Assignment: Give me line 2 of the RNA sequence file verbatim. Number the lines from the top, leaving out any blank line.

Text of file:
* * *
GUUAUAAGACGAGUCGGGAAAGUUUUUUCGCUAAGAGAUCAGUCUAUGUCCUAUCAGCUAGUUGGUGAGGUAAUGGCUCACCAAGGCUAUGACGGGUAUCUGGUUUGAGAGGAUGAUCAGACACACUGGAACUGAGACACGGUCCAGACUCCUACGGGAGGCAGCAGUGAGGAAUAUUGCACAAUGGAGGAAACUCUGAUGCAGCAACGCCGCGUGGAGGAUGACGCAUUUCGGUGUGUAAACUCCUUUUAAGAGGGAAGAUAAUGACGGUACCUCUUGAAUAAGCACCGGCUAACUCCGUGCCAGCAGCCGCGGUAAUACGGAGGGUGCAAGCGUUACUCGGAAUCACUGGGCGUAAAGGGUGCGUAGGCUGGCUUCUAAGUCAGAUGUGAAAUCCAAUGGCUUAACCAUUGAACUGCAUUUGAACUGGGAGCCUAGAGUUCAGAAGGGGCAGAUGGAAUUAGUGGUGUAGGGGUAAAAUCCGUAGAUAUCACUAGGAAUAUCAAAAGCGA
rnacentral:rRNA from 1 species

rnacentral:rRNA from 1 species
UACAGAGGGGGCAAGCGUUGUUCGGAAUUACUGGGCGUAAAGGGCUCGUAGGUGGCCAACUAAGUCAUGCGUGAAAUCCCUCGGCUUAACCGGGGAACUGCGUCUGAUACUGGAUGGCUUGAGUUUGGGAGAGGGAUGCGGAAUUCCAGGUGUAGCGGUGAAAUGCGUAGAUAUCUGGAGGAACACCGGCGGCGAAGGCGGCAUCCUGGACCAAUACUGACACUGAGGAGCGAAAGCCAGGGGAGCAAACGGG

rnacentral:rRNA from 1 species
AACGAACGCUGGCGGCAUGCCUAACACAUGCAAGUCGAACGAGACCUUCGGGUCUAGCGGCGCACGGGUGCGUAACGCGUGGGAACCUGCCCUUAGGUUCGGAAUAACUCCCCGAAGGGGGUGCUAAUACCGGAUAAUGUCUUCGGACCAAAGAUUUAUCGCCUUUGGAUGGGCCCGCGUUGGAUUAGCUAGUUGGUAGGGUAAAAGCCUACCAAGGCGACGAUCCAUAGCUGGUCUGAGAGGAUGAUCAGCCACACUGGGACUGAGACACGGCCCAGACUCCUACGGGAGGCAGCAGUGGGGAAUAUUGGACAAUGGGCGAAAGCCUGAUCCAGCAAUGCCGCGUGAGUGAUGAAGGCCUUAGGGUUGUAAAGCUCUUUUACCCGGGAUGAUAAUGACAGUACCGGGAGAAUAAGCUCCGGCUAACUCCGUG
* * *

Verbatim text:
rnacentral:rRNA from 1 species